Fortunately, a Propel(x) company has developed a method to bring greater safety and efficiency to this process.
Founded in 2011 by long-time landmine removal advocate, Arpana Ghandi, Disarmco is on a mission to deconstruct and dispose of munitions the world over. The company has spent the last several years locating and deactivating landmines and other “personnel-activated weapons”.
Landmines are a particularly egregious outcome of war. Originally, they were used strategically on the battlefield, designed to keep enemy tanks out of friendly territory. Over the decades, however, armies increasingly used landmines offensively, delighting in the chaos, fear, and uncertainty they brought to a conflict.
The US government rained such anti-personnel mines over Laos in the ‘60s. Today, there may be as many as 80 million unexploded bombs scattered throughout the southeast Asian nation.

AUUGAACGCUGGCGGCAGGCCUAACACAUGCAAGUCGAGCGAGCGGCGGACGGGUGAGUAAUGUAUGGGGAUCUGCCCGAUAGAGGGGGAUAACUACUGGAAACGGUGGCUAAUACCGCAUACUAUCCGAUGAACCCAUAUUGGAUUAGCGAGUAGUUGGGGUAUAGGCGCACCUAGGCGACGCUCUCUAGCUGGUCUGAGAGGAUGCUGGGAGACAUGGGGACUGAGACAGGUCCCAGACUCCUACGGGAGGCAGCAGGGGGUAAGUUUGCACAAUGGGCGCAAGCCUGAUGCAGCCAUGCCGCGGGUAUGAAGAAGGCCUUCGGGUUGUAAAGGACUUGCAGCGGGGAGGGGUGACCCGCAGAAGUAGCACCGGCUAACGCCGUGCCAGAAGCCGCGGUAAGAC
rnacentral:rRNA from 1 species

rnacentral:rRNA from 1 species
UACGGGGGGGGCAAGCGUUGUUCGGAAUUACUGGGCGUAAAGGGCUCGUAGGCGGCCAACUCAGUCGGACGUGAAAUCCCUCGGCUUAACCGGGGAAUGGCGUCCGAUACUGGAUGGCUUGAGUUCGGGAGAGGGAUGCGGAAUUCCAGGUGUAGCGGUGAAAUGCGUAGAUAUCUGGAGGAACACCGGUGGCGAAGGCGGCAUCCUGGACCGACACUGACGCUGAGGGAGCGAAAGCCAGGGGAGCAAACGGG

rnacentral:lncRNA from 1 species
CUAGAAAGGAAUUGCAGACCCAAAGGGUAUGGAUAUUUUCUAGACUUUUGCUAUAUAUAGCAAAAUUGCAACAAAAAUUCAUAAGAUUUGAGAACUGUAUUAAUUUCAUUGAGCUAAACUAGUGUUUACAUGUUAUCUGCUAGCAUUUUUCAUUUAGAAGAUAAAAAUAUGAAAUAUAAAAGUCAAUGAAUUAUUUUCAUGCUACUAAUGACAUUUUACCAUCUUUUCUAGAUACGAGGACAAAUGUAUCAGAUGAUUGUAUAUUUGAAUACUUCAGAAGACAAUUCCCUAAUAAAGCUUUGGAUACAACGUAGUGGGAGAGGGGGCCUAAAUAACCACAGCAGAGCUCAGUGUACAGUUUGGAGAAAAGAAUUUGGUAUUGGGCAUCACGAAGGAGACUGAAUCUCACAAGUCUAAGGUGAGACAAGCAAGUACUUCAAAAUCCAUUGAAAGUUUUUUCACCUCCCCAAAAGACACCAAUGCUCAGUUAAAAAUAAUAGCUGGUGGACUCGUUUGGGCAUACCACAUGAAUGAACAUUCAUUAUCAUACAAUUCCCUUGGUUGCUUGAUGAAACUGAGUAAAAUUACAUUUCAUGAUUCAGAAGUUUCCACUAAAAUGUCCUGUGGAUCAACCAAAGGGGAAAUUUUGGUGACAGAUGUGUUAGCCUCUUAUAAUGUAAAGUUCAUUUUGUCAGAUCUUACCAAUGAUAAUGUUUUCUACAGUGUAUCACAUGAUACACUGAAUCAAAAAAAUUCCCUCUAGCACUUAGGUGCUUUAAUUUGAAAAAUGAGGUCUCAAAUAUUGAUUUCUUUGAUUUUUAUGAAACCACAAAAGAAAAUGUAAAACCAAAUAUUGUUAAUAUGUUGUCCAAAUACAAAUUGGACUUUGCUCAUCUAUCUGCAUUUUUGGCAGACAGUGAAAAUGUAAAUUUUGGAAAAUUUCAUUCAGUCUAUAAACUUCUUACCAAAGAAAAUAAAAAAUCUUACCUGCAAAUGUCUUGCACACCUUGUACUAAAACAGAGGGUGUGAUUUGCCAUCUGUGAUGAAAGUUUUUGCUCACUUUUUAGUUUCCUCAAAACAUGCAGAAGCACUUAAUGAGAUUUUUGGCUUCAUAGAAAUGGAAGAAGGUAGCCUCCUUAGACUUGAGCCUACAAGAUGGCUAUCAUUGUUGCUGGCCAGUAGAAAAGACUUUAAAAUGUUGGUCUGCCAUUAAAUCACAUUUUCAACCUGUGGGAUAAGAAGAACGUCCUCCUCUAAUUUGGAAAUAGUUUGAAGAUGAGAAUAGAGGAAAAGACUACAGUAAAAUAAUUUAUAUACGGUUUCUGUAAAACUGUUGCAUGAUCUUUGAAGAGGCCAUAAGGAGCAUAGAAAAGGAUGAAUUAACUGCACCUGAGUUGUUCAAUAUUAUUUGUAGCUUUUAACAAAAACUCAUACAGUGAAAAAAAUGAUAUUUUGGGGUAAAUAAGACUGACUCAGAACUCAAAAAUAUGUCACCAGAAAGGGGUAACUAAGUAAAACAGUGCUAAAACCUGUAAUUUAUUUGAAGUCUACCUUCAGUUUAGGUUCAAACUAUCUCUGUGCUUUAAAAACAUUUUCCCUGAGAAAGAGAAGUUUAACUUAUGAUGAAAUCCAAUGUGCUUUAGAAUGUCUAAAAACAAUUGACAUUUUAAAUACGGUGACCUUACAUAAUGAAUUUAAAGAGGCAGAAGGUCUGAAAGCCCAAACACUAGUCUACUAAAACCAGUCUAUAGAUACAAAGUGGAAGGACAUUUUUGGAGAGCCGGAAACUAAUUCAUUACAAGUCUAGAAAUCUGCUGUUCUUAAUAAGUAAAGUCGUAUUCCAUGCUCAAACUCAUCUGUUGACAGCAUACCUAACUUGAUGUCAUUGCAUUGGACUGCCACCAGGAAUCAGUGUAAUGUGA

Laos is one of countless places in which hidden and unexploded landmines cause a constant disruption to the sanctity and security of its people. In addition to causing injury and death, landmines, when detonated, wreck environmental havoc on land that might otherwise be used to grow food. Similarly, mines prevent developing nations from accessing and capitalizing upon their natural resources. The World Bank estimates that Laos has tons of untapped natural resources. However, accessibility to these sites are always slowed and complicated by the possibility that a mine may be hidden in the weeds.
In order to tackle this major humanitarian crisis, Disarmco developed several pyrotechnical solutions to dispose of a wide range of individual munitions such as landmines, naval mines, IEDs, grenades, torpedoes, and artillery projectiles. These solutions have already been deployed throughout the world.